2. Skim off the white foam with a spoon and discard. This is called clarifying the butter, which means you are removing the milk solids in the butter. Allow the butter to stand for a few minutes to settle and then pour out the butter into another bowl, leaving the rest of the milk solids on the bottom of the saucepan. Set aside the clarified butter. Whenever using butter to saute or cook something in a skillet, it burns very easily. Clarified butter has a much higher smoke point (it starts to burn/smoke at a higher temperature) than regular butter, which is why we are doing this extra step. This way, the blini will be nice and golden, not black and half raw.
  3. You will have more clarified butter than you need for this recipe. Store, covered, in the refrigerator and use for other dishes.
  4. Whisk the flours, baking powder and salt in a bowl.
  5. Combine the milk, egg and 1 Tablespoon clarified butter in a liquid measuring cup and add to the dry ingredients, whisking to combine. The batter will be kind of thin.
  6. Heat some clarified butter on medium heat on a griddle or a nonstick skillet. Using a spoon, pour a small amount of batter (about 1 Tablespoon) on the griddle and cook until golden on both sides.You'll know when to flip the blini over when the top of the pancake has tiny bubbles across its surface.
  7. Top with a small dallop of sour cream, a piece of smoked salmon and fresh herbs.
  8. Since they are so small, they cook so quickly. You can make a huge batch for any party in no time at all. To keep the finished pancakes warm, place them on a baking sheet in a 200 degree oven. These are best served warm, but I didn't mind eating up the cold ones one bit:).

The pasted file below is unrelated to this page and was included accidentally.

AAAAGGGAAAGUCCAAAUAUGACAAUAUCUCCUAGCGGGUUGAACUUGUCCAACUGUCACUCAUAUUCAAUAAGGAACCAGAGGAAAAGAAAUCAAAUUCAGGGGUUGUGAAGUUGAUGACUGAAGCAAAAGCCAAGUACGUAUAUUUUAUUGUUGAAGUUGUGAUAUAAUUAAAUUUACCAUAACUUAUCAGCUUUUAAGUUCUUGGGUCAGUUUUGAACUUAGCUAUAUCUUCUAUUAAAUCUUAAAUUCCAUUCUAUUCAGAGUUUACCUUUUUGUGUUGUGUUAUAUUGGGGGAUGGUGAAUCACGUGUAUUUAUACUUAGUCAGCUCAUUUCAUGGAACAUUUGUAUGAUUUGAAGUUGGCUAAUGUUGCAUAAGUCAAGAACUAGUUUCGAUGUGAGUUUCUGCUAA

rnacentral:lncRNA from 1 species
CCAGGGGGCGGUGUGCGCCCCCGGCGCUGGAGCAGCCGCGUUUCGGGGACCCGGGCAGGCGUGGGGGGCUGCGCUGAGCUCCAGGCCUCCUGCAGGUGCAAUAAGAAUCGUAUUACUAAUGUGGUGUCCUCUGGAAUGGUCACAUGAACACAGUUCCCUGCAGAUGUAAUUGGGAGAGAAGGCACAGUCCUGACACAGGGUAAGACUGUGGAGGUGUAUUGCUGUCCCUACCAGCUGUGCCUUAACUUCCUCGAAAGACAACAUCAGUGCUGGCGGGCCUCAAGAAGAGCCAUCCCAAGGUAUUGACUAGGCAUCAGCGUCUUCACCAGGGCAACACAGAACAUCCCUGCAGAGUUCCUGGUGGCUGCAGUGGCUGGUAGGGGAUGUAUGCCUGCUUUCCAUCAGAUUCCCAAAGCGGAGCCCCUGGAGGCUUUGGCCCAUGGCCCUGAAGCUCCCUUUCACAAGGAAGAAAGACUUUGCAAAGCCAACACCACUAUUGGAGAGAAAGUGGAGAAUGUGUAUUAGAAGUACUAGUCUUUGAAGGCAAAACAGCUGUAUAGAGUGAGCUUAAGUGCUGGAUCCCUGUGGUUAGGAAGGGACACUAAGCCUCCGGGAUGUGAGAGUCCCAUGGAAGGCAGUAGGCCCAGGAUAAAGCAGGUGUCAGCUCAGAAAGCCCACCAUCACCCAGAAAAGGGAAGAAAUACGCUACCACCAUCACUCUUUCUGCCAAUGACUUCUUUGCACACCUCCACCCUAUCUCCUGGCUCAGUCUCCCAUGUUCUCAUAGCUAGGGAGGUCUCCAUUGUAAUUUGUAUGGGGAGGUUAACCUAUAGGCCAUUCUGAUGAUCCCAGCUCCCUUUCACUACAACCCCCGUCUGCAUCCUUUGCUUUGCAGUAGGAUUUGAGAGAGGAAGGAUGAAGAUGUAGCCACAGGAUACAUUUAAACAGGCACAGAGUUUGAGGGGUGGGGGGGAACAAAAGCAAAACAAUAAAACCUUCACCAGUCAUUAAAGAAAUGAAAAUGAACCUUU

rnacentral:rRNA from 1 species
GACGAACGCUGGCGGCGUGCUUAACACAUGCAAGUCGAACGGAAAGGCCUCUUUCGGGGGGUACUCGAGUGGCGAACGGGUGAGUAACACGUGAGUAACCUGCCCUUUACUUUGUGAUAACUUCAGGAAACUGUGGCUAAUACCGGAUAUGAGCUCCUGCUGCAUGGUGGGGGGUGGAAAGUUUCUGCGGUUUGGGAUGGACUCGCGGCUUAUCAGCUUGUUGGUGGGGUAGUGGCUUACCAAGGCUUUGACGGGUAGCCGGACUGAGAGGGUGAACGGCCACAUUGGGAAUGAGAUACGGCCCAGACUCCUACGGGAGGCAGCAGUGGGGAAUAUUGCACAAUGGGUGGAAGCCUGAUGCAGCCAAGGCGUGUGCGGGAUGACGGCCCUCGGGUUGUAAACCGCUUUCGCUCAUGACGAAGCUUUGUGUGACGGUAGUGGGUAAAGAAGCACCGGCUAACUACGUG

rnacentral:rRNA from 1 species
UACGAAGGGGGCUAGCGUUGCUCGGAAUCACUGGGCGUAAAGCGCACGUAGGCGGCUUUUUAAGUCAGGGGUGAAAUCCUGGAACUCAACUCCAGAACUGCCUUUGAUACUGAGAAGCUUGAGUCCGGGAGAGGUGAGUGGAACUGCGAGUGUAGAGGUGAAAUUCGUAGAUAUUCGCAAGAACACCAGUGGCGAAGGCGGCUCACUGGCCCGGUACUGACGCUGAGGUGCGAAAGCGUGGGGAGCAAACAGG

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Comments

  1. says

    Olga! Your blog is beautiful, and I’m blown away by your food photography! Some of the most inviting food photos I’ve seen. Love the lighting and clarity you achieve.
    I’m intrigued by the idea of exploring appetizers. I love the idea of russian-style tea.
    You’ve done a lovely job with your blog. Thanks for visiting mine and introducing yourself!

    • olgak7 says

      Thanks for stopping by, Trina. I am so thrilled to hear your kind words. What a pleasure it is to “meet you”:).

  2. Einna says

    found your blog through natashaskitchen.com… love it!!! can’t wait to try out some of these tasty recipes.

  3. Adi says

    same here, I found you via Natasha’s blog. I alraedy printed out some recipes, can’t wait to make them.
    I love Russion (inspired) food! Thank you Olga for all your work. Adi.

  4. Lidiya says

    Love this appetizer. Olga do you by any chance know what I can do we krasnaya ikra? My sister bought it for me (2lb) and I dont want to waist it but use it. Please help.
    By the way you have such amazing photography skills! As well as great menus!

    • says

      I would probably make sandwiches with it and enjoy it with tea. You can also make deviled eggs with caviar, blini with caviar, potatoes with caviar, and use it as a garnish with fish dishes, such as baked fish.

  5. demelzabunny says

    Fabulous recipe, as usual; this recipe is next in my queue to try. Always an obnoxious purist, please allow me to talk about how these little pancakes are really called oladi in Russian (and I’m sure you knew that), but it really bothers me that Americans think these are blini. Blini are large and thin, like crepes. In addition, one is “blin,” and “blini” is plural. And I know you knew that, too.

    Thank you for your indulgence!

    • says

      You’re right. These are usually called oladi in Russian, this is an Americanized version. I have the traditional oladi recipe on my blog as well as the blini recipe.
      In regards to blin vs blini, I read through the post and am not sure where I made the mistake of using blini instead of blin. I do know that blin is singular, although I don’t see where I used “blini” incorrectly.

    • says

      Tatyana, you need a total of 3/4 cup plus 2 Tablespoons of milk for the recipe. Basically, a little bit more than 3/4 cup but less than 1 cup of milk.